I was watching the weather all day Sunday as my wife and one of our daughters were heading down to Portland to watch a live performance of A Christmas Carol. The weather websites were predicting that here is coastal Maine, we could receive up to 6″ of snow over the next couple of days.
This is quite different from where I was almost 12 years ago. In January of 2001, a group of us were lucky enough to visit Cuba. Besides discovering a country of beautiful scenery and fun people, we encountered a botanical concoction called mojito. In case you have never had a mojito, it is a drink which among its various ingredients includes rum and mint. The mint is slightly crushed and included whole in the glass. The reason I include this is that I am guessing that the appearance of the mint in the mojito is what inspired the name of my favorite elephant ear, Colocasia ‘Mojito.’ It was either that, or the folks who found the plant were drinking mojitos at the time.
Colocasia ‘Mojito’ is a superb and striking plant. The green leaves are randomly splotched with black. The best way I know how to describe the appearance is that of a psychedelic camouflage pattern. Longwood Gardens grew a wide assortment of elephant ears last summer and this was one of the best performers in their Idea Garden.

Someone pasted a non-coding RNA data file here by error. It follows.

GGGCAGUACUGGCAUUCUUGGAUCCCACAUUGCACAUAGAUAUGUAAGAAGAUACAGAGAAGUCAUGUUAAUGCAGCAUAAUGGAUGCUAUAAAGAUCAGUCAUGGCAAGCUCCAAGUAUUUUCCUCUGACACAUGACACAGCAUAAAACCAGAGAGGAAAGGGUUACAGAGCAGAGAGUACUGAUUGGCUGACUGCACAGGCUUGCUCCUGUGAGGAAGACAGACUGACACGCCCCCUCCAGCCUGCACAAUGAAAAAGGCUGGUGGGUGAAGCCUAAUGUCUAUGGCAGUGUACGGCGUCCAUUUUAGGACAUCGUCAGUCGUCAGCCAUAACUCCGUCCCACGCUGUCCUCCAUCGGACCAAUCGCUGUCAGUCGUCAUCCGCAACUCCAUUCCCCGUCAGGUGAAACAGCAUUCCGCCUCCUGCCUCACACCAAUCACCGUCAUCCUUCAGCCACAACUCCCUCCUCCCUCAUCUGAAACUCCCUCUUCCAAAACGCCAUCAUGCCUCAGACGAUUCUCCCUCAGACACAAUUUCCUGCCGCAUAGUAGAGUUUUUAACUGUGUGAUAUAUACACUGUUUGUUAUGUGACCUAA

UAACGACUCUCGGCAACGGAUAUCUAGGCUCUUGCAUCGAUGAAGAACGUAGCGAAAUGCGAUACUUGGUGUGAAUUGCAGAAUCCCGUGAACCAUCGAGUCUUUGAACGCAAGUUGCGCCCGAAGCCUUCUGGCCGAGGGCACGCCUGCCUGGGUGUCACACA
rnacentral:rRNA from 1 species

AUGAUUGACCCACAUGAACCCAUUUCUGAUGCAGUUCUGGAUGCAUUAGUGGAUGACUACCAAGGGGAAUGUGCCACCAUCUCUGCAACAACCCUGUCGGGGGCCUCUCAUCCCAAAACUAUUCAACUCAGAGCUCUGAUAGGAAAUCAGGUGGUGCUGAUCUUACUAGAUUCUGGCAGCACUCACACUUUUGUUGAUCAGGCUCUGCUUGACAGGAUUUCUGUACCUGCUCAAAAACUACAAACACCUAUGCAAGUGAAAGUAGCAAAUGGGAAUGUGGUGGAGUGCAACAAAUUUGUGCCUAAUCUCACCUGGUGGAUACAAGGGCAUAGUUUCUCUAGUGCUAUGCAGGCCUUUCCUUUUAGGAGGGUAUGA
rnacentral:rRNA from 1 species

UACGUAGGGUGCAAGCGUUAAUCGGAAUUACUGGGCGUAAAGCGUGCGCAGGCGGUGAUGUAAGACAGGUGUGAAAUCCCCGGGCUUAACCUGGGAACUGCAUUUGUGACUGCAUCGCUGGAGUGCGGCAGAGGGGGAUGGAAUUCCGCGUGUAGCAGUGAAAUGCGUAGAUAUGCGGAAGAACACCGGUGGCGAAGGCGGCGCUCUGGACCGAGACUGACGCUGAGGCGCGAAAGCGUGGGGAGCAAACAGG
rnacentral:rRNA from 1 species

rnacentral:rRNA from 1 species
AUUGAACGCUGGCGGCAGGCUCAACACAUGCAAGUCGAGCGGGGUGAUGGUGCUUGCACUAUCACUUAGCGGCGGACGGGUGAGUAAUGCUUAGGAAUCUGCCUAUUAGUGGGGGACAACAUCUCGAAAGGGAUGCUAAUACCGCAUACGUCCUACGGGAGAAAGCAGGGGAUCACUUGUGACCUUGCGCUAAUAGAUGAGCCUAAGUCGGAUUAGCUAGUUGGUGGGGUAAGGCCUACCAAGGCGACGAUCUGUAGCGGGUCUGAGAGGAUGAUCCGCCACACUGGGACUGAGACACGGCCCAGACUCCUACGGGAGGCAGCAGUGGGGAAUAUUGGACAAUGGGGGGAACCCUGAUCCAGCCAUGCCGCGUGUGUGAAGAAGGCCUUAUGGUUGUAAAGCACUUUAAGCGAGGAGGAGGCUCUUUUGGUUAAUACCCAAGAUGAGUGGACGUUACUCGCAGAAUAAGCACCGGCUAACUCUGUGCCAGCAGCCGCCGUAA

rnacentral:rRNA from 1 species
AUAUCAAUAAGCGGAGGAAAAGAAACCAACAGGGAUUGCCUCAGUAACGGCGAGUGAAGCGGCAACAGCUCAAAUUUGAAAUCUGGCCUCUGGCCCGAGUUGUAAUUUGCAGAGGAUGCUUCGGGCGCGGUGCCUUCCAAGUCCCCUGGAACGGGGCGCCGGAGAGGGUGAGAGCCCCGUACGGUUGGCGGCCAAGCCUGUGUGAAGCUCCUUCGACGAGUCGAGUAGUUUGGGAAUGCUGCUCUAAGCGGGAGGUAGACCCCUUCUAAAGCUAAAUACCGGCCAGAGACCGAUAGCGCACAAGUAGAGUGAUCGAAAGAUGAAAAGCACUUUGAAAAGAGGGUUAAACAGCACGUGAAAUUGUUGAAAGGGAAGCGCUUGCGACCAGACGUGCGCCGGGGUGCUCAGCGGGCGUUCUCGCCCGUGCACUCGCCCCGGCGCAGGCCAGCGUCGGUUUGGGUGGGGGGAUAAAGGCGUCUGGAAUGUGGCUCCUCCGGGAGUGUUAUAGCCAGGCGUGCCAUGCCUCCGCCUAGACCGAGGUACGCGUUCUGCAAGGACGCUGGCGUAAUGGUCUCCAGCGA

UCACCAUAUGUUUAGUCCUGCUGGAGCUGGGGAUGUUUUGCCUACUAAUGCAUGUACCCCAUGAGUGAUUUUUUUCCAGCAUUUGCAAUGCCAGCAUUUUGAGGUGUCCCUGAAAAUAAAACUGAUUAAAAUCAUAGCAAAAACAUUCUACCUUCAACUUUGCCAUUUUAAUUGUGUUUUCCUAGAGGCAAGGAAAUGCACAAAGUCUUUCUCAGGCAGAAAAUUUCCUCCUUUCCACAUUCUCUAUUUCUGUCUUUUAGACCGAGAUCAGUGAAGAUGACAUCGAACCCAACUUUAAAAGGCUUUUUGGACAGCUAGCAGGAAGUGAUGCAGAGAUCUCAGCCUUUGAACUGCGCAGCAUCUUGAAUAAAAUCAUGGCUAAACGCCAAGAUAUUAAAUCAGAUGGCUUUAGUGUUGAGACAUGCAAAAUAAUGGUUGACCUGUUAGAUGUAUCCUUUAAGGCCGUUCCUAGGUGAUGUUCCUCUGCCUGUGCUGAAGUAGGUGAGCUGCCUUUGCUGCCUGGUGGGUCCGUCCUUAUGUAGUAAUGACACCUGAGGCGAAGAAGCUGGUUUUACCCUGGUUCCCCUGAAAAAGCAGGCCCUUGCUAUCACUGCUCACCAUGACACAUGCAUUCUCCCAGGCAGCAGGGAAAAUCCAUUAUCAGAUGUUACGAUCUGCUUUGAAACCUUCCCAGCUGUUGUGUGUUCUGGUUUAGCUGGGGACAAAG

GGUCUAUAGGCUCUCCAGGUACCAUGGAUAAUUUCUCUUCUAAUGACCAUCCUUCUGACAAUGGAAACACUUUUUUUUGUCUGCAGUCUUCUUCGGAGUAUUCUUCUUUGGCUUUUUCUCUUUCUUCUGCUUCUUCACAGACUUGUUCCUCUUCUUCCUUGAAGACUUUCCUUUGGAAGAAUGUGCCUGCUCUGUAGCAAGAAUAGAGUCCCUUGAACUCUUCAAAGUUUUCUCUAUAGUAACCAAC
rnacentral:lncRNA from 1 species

Mojito elephant ear was brought to the market by Agri-Starts, Inc. down in Florida. They have patented the plant as plant patent 21,995.
I will definitely be including Colocasia ‘Mojito’ in the gardens at Coastal Maine in 2013. We will have to lift the plants and store them over next winter since it is only hardy down to zone 7b (we are in 6a). With that striking coloration, I could see it doing well as a color echo for a chartreuse ground cover of even something dark like the dark leaved sweet potatoes. There are also quite a few coleus selections that would go well with this elephant ear as well.
How about you? Have you grown Colocasia ‘Mojito?’ Are there other elephant ears that we should consider growing in 2013? – Rodney